To answer your question: Yes, that really is Washington in 1999 listed with the best offensive DVOA through four games, led by not-even-close-to-Hall of Famer Brad Johnson. We don't think of this as one of the great offenses in history because a) they slowed down and b) the defense wasn't good -- it finished the year 24th in defensive DVOA -- so it wasn't like the team was winning big every week. Washington lost its first game in overtime, then won the next three. In those four games, they averaged 32.5 points per game, although they allowed 28. That was the season Stephen Davis went crazy, with 1,405 yards and 17 touchdowns (nine of which he got in the first four weeks). For the full season, that team also got over 1,100 yards with 18.3 yards per reception from both Michael Westbrook and Albert Connell.
Back to Peyton Manning and this year's Broncos... I got an e-mail in the mailbag yesterday about Denver's ridiculous pace so far this year.
Bill Herman: Peyton Manning and the Broncos are headed for breaking a fistful of major all-time-records, including (but not limited to): most points in a season, biggest point differential, most passing yards, most passing touchdowns, and best passer rating. I'm wondering if you and/or others at FO have opinions on which of these (or other major records) are mostly likely to be broken by the end of the season.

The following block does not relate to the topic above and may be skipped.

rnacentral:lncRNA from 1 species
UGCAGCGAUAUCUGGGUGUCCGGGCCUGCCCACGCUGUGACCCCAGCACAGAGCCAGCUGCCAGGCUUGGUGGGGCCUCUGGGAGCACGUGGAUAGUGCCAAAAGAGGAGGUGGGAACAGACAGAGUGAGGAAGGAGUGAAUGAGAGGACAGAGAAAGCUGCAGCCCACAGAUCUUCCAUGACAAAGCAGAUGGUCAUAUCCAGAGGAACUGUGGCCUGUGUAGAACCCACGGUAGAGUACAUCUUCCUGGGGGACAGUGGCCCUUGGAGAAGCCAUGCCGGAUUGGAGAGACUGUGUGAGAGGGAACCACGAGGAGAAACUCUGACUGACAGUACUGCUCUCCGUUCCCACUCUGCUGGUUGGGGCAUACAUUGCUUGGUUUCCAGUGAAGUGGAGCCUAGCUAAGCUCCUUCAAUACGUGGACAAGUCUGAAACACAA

So I e-mailed Bill back and pointed out the problem with reporting that "Player X is on pace for..." There usually were other players in the past who also were on similarly ridiculous paces early on in the season. Those players mostly trailed off a bit, as you might expect. It's hard to keep throwing four touchdowns a game. So the best way to determine if a team/player is likely to break a record is not to look at their current pace compared to the record, but to look at their current pace compared to the best teams/players in the past at a similar point in the season. That we do above with the "best/worst teams in DVOA" tables. These tables only look at the first four weeks of the season, with opponent adjustments based only on the data we had at the time (and only at 40 percent strength, same as now).